Apples, strawberries and plums are all in the Rosaceae family, meaning they are quite closely related. In contrast, bananas, guavas and watermelon are in the Musaceae, Myrtaceae and Cucurbitaceae families, respectively. From a phylogenetic perspective, this is therefore a much more diverse set of fruits. In line with this higher diversity, you may have also noted that they are much more spread out on the tree diagram than are apples, strawberries and plums.
What other edible species are in the Cucurbitaceae family? (Hover your mouse over the watermelon and surrounding species in order to view the text box that contains further information. You can also zoom in to see the surrounding species more easily.) (50 words)
The commonly eaten species in the Cucurbitaceae family include cucumber, zucchini, watermelon, winter melon, and butternut squash. Interestingly, this family includes things which are commonly referred to as both fruits and vegetables even though scientifically they are all fruits.
Look at the number of species in the ‘Poultry, meat and dairy’ category in comparison to the ‘Fish’ and ‘Shellfish’ categories. (You don’t need to count them exactly, just consider their relative numbers.) Select those that you think are domestic animals from these lists, note which family they are in, and describe where the domestic animals fit into the larger list of all animals on the tree. (100 words)
Domestic animals include cows, sheep, pigs, goat, chicken, duck, geese and possibly rabbit. Although fish and other aquatic food are farmed there are no domestic species of fish and shellfish.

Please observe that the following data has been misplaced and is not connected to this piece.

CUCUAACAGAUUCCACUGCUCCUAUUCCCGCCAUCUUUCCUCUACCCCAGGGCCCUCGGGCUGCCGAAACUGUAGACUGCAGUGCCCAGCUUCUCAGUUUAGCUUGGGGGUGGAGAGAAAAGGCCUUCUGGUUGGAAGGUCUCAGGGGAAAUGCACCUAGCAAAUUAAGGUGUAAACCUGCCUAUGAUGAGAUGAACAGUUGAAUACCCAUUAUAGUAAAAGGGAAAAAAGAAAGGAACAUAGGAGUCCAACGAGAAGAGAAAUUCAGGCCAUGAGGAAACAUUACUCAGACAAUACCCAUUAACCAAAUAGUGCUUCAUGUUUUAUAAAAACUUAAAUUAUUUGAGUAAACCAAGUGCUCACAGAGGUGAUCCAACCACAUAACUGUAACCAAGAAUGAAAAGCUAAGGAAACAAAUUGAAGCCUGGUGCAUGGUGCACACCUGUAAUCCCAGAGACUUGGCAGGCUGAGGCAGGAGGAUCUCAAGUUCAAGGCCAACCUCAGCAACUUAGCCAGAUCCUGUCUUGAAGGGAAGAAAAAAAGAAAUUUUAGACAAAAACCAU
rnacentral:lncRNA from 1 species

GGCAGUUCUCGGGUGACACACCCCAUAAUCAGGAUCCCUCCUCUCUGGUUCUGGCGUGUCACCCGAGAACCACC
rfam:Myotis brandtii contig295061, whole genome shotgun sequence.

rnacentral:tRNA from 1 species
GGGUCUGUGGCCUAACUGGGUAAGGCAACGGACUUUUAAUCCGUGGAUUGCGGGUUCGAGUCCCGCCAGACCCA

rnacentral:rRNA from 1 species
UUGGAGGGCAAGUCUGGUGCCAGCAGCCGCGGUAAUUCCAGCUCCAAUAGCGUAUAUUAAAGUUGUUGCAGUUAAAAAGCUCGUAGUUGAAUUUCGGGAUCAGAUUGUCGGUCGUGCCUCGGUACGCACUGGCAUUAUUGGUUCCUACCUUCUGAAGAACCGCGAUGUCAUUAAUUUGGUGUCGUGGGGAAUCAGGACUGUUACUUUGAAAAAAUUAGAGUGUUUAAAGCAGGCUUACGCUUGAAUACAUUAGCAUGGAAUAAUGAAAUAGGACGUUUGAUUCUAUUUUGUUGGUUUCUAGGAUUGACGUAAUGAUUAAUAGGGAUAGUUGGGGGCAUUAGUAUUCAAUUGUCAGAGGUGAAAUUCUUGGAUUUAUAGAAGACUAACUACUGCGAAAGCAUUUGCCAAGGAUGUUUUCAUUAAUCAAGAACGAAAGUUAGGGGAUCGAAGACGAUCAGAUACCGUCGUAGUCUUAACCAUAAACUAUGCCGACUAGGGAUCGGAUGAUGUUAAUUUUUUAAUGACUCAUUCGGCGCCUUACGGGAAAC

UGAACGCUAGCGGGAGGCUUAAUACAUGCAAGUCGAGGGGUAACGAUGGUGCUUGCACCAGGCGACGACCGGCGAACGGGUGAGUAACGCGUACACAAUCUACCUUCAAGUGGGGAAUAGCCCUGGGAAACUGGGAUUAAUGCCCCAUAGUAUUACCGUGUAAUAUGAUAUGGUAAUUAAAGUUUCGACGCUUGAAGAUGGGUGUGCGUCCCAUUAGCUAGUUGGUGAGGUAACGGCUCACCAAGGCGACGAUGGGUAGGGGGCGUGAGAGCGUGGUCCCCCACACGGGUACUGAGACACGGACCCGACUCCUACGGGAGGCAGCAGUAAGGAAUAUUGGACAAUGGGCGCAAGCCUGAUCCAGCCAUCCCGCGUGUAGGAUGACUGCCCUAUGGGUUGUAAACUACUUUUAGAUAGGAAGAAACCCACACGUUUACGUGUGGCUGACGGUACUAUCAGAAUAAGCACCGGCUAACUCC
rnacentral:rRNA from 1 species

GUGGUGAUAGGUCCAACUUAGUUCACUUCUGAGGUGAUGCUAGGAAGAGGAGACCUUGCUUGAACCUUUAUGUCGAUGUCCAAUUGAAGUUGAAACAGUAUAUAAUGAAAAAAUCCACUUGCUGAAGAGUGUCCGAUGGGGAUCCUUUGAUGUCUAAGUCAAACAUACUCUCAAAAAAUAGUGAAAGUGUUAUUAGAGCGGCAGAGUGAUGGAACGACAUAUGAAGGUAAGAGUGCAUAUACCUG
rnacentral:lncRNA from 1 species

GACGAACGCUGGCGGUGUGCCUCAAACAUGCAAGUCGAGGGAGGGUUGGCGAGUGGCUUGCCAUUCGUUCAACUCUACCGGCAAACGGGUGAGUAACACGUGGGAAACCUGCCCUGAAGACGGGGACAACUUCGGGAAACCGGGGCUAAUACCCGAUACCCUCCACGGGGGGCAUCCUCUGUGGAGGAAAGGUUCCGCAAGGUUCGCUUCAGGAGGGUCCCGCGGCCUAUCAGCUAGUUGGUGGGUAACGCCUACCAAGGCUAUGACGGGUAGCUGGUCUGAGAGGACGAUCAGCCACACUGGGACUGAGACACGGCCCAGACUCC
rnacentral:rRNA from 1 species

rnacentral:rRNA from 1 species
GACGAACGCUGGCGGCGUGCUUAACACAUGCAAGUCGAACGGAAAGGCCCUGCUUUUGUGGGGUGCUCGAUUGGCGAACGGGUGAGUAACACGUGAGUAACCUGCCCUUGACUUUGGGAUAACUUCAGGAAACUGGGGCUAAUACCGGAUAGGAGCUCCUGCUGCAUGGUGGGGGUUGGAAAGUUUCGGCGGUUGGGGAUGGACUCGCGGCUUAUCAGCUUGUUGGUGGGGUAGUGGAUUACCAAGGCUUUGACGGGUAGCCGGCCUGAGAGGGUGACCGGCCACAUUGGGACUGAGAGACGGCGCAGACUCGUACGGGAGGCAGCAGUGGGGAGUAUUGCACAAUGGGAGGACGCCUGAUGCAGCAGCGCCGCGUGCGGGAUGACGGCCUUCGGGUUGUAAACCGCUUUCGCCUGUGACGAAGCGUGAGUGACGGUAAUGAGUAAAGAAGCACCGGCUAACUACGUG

The diversity of fish and shellfish that people can eat is much greater than the number of species of mammals and birds. The domestic animals we eat are in five families: Bovidae (cows, goats, sheep), Suidae (pigs), Leporidae (rabbits), Anatidae (ducks, geese) and Phasianidae (chicken). The mammals are clustered together and the birds are in a different cluster, reflecting their relatedness.
Select the following foods: broccoli, brussel sprouts, cauliflower, kohlrabi and kale. What do you notice about their diversity? (50 words)
All of these foods are the same species. They have been selectively bred over many years to produce different strains in which different plant parts have sought-after characteristics. In broccoli and cauliflower you eat the flower buds, brussel sprouts are lateral leaf buds, cabbage is the terminal bud, kohlrabi is the stem and kale is the leaves.
Salt and black pepper are common condiments. How do they fit into this tree? (50 words)
Black pepper is the only species in the Piperaceae family on the tree. Salt is not on the tree as it is not an edible species – it is a chemical compound and the salt you eat comes from inorganic, non-living sources.
You should now have a better understanding of species being closely or distantly related, and how to describe this using terms such as ‘family’, ‘genus’ and ‘kingdom’. Activity 4 may also have given you some surprises about the species you eat (such as broccoli), which made you think more deeply about the food on your plate. This activity was about a range of edible species, which you may or may not eat, but next you will look at the species from the dietary data that you have gathered yourself.